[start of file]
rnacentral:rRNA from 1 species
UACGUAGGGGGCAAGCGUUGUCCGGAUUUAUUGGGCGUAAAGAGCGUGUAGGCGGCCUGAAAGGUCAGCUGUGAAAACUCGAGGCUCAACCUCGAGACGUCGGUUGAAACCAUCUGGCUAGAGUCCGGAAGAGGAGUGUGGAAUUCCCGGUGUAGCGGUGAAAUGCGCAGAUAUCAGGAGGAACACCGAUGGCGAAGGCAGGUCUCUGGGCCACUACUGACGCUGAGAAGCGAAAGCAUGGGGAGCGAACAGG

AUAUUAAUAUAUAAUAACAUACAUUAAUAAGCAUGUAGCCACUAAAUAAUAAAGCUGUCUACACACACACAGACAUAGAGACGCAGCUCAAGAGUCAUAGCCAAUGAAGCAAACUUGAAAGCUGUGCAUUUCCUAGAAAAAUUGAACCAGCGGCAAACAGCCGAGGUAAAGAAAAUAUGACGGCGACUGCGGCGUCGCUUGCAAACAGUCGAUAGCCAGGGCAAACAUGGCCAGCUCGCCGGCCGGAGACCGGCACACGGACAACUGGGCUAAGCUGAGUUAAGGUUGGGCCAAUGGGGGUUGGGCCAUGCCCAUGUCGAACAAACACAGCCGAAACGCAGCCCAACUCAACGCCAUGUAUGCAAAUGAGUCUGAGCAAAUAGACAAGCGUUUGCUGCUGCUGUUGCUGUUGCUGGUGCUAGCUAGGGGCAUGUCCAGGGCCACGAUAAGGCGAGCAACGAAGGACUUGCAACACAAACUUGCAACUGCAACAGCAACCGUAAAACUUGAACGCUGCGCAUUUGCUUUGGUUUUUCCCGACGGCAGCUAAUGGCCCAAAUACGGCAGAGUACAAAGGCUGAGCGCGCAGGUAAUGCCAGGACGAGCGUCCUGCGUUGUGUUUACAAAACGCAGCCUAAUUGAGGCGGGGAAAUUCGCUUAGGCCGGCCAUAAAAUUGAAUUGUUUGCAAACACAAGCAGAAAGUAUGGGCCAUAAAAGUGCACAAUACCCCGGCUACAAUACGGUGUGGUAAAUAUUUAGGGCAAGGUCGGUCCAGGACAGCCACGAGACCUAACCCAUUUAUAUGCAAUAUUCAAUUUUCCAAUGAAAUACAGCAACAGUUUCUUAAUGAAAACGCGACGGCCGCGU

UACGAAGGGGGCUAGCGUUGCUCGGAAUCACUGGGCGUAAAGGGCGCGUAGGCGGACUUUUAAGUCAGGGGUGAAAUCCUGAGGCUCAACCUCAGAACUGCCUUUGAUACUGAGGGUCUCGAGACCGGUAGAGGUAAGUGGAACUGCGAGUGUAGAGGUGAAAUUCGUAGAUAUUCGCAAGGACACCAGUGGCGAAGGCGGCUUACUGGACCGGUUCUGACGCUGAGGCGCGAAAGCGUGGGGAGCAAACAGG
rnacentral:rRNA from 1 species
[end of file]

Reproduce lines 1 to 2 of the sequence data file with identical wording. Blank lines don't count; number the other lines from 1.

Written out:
rnacentral:rRNA from 1 species
UACGUAGGGGGCAAGCGUUGUCCGGAUUUAUUGGGCGUAAAGAGCGUGUAGGCGGCCUGAAAGGUCAGCUGUGAAAACUCGAGGCUCAACCUCGAGACGUCGGUUGAAACCAUCUGGCUAGAGUCCGGAAGAGGAGUGUGGAAUUCCCGGUGUAGCGGUGAAAUGCGCAGAUAUCAGGAGGAACACCGAUGGCGAAGGCAGGUCUCUGGGCCACUACUGACGCUGAGAAGCGAAAGCAUGGGGAGCGAACAGG